Electric cars by nature need to be slippery. Cutting through the air better than your competitors allows for a longer range, and better performance. With those goals in mind, the Lotus Evija aerodynamic secrets have been revealed in their latest press release.
For the first time, Richard Hill, the highly experienced senior engineer who has guided this critical element of the 2,000 PS car’s design, details the philosophy of the Evija’s sophisticated aerodynamics. Richard is chief aerodynamicist and has worked at Lotus for more than 30 years, supporting countless road and race car projects. When asked how the Evija compares to regular sports cars, he replied: “It’s like comparing a fighter jet to a child’s kite.’’
He then answered a few questions from their marketing team:
– What’s the overall philosophy behind the Evija’s aerodynamics? It’s about keeping the airflow low and flat at the front and guiding it through the body to emerge high at the rear. Put simply, it transforms the whole car into an inverted wing to produce that all-important dynamic downforce.
– How would you compare the Evija’s aerodynamic performance to that of a regular sports car? It’s like comparing a fighter jet to a child’s kite.’’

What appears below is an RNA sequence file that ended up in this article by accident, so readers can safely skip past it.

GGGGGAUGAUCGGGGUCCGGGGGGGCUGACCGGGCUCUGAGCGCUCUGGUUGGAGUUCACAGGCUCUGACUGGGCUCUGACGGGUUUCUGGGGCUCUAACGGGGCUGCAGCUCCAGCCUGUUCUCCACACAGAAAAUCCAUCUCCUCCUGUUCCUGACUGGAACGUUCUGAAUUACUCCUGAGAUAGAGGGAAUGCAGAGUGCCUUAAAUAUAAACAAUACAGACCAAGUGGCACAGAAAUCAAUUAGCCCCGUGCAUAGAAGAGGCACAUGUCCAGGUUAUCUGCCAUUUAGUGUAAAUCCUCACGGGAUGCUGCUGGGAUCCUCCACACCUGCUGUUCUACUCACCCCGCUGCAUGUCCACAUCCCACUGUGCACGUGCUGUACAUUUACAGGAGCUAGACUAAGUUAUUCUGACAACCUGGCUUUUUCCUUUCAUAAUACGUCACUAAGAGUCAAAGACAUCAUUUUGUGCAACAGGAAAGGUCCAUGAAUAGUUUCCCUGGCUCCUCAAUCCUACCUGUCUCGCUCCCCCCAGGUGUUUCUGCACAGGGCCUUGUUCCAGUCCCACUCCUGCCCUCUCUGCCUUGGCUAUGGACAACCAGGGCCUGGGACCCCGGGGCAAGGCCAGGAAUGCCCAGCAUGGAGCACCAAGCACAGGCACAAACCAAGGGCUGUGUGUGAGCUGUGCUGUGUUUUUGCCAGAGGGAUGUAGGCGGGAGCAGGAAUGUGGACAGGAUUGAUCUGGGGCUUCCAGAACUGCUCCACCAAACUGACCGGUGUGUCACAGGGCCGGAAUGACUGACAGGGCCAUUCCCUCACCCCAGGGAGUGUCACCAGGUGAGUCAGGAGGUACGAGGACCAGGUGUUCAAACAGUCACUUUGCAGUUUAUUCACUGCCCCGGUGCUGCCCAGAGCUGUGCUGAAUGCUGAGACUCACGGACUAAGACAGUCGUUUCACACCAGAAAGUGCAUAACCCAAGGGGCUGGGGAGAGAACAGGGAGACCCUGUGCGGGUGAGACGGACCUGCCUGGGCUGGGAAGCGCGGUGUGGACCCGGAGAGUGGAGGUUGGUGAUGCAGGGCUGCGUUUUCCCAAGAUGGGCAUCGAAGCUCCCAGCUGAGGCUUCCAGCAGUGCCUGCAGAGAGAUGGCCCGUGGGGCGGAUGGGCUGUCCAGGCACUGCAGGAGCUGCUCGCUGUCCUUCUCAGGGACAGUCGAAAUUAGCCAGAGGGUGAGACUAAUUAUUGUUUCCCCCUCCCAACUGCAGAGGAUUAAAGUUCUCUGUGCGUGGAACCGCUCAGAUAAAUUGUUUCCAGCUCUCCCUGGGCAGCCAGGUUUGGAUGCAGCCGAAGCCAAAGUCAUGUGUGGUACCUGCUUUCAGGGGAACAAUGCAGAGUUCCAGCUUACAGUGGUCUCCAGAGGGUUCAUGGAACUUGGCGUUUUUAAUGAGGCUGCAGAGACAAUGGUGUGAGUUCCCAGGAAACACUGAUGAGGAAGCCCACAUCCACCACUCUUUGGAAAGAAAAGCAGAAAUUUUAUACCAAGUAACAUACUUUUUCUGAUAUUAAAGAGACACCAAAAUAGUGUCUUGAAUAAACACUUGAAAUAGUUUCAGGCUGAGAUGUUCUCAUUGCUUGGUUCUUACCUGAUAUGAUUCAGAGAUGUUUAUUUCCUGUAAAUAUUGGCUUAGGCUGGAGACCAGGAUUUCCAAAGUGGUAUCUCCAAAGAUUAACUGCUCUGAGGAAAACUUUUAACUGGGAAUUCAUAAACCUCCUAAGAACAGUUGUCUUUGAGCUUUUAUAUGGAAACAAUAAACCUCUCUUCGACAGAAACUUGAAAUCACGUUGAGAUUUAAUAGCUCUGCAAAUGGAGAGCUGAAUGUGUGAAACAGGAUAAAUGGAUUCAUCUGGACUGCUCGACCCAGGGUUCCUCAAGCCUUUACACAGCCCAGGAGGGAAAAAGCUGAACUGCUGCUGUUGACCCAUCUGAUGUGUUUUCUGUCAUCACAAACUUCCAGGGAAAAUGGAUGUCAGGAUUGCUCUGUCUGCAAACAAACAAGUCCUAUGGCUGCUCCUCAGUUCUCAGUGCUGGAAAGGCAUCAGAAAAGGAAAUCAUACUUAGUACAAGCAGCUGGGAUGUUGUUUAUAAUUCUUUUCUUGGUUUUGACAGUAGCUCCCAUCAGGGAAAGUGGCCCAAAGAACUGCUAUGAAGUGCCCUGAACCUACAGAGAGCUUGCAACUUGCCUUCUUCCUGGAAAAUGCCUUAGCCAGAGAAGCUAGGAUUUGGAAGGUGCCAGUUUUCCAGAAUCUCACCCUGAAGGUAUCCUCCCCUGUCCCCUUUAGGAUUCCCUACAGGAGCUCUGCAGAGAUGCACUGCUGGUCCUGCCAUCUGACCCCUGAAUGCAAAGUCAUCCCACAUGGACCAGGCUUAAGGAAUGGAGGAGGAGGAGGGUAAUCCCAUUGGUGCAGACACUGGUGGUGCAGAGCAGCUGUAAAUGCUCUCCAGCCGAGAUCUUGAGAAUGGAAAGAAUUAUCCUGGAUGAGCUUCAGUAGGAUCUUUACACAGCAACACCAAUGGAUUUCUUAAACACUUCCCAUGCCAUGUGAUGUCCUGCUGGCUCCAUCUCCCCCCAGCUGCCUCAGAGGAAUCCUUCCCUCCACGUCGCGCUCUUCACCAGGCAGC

– Can you explain the car’s porosity in aerodynamic terms? Most cars have to punch a hole in the air, to get through using brute force, but the Evija is unique because of its porosity. The car literally ‘breathes’ the air. The front acts like a mouth; it ingests the air, sucks every kilogram of value from it – in this case, the downforce – then exhales it through that dramatic rear end.
– What role does that deep front splitter play? It’s designed in three sections; the larger central area provides air to cool the battery pack – which is mid-mounted behind the two seats – while the air channeled through the two smaller outer sections cools the front e-axle. The splitter minimises the amount of air allowed under the vehicle, thus reducing drag and lift on the underbody. It also provides something for the difference in pressure between the upper and lower splitter surfaces to push down on, so generating downforce.’
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